Like many people, I’ve been watching with increasing horror the aftermath of the Haiti earthquake disaster. It reminds me so much of the tsunami a few years back that ended hundreds of thousands of lives in one fell swoop
It’s hard to imagine death on that scale in such a short period.
As the fallout continues in Haiti, looting is also reported to be widespread.
Someone once said something along the lines of “civilized society is only three square meals away from anarchy”.
While a bit of an exaggeration, the underlying message is quite true. Desperation can turn normally gentle and law-abiding folks into thieves and killers – and depending on the circumstances who can blame them? If I was in the same situation and needed to provide for my family, I can’t say I wouldn’t steal in order to put food in their mouths, provide medicine for their injuries or clothes on their backs.
Civilized society is really just a thin veneer over basic animal instincts to survive and/or protect our “tribe”; however big or small that may be.
So what does this “three square meals” have to do with green living?
With climate change wreaking havoc around the world (I acknowledge Haiti had nothing to do with climate change) and as humanity faces the crunch of diminishing resources we’ve grown to rely on such as oil; we’re likely to see increasing humanitarian crises in the decades ahead. You and I may be at the epicenter of such a Haiti type incident. Many in the USA have already had a taste of it through disasters like Hurricane Katrina.
Unlike the generally impoverished people of Haiti, most of us have a degree of resources or access to information to allow us to somewhat prepare for a disaster. Even something as simple as a wind up LED lantern can be a life saver in some situations.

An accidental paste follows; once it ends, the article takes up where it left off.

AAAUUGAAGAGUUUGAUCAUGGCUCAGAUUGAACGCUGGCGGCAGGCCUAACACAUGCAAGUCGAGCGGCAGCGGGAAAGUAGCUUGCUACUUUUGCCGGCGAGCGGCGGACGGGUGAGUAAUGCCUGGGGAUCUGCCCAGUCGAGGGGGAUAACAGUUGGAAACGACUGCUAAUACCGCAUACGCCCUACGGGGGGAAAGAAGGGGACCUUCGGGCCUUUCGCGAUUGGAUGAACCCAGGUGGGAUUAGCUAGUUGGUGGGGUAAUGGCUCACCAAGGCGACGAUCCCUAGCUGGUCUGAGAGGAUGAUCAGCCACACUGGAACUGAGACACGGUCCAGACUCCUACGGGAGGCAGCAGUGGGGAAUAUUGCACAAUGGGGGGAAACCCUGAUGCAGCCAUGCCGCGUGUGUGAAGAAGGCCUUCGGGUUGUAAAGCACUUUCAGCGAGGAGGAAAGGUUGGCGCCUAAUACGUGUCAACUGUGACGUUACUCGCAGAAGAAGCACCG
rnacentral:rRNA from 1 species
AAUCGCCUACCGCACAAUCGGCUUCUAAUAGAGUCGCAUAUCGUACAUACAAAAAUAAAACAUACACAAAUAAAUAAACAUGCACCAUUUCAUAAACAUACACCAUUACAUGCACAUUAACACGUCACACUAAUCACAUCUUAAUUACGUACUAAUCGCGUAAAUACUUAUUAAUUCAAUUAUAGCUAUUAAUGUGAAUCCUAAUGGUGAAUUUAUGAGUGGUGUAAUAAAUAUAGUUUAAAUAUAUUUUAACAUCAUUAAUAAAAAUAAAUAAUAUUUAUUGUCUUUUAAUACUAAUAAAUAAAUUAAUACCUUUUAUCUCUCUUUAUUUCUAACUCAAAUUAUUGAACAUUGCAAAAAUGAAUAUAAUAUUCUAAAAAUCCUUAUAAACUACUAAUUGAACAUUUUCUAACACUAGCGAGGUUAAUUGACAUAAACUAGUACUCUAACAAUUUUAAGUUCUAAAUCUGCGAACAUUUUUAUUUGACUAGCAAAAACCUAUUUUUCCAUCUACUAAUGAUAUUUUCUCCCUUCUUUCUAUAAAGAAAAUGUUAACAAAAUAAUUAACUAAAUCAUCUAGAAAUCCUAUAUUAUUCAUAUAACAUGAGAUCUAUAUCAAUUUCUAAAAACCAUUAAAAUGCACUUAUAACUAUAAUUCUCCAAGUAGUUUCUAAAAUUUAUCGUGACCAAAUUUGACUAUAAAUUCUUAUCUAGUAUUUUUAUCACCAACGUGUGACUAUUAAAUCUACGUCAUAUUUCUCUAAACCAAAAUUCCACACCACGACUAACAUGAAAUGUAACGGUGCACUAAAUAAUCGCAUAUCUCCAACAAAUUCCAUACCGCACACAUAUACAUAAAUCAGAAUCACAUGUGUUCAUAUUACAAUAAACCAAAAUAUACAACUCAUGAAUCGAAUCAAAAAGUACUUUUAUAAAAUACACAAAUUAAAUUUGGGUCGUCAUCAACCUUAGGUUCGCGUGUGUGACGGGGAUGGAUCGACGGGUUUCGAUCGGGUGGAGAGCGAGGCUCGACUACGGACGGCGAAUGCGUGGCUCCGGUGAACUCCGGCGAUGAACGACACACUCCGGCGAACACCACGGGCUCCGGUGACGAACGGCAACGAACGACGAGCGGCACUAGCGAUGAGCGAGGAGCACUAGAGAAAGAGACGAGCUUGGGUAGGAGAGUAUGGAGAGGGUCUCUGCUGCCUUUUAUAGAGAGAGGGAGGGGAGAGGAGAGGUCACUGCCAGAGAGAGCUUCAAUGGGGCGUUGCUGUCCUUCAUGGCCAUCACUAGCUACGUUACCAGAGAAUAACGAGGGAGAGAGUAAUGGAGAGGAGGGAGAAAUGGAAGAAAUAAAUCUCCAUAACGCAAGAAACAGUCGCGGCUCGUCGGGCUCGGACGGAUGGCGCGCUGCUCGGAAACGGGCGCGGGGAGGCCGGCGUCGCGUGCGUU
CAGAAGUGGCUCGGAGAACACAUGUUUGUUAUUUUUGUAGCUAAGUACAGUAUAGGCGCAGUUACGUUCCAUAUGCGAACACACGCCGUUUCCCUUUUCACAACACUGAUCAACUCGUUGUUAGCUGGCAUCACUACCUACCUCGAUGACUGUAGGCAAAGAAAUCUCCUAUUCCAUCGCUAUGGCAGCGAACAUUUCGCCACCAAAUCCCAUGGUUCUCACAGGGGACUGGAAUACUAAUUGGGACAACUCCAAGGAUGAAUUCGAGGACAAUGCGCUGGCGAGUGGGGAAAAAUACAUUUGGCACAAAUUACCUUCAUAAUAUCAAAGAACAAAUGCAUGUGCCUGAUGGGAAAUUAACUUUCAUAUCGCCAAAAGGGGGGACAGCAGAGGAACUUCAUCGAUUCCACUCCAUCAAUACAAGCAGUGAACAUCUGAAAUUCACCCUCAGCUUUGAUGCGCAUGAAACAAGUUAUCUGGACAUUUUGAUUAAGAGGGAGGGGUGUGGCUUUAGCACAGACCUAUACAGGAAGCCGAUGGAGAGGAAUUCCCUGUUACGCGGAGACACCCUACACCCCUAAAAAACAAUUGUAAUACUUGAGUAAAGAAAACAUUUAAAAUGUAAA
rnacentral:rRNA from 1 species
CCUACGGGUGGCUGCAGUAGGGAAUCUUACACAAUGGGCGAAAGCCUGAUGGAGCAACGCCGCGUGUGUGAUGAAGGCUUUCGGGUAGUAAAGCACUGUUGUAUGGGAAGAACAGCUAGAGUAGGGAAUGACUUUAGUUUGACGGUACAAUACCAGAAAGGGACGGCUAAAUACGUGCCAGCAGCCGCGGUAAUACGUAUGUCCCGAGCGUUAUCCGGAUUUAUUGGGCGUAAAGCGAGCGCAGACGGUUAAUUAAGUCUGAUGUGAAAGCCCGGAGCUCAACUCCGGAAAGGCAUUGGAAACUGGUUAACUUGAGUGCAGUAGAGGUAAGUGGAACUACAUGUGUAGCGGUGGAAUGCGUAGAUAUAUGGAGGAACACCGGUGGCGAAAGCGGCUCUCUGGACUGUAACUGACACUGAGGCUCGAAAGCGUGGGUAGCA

Are you and your family prepared?
Green living has a great deal common with survivalism as it is all about being resourceful and making do with less, or becoming less dependent on sources of energy that could be cut off in a disaster.
People who have been consciously reducing their consumption, repurposing items and finding other ways to do things using less will find living through those scenarios far less traumatic – and their survival may depend on those skills. Living a more environmentally friendly life creates a whole new mindset and a certain level of independence.
Back to Haiti – there has been a lot of media coverage about charities to donate to and it’s been heartening to see assistance pouring in; but if you’re still looking for an organization to funnel your funds through, I’d like to suggest World Vision in your country. World Vision focus specifically on assisting children. I’ve been a World Vision child sponsor for years and it’s been a great experience. There’s certainly a lot of kids in Haiti who need some TLC now, along with material goods of course. You don’t have to make an ongoing commitment to a child; the organization is gratefully accepting one-off donations too.
By the way, be on the look out for scam solicitations for donations – it doesn’t take the lack of “three square meals” to bring out the worst in some people.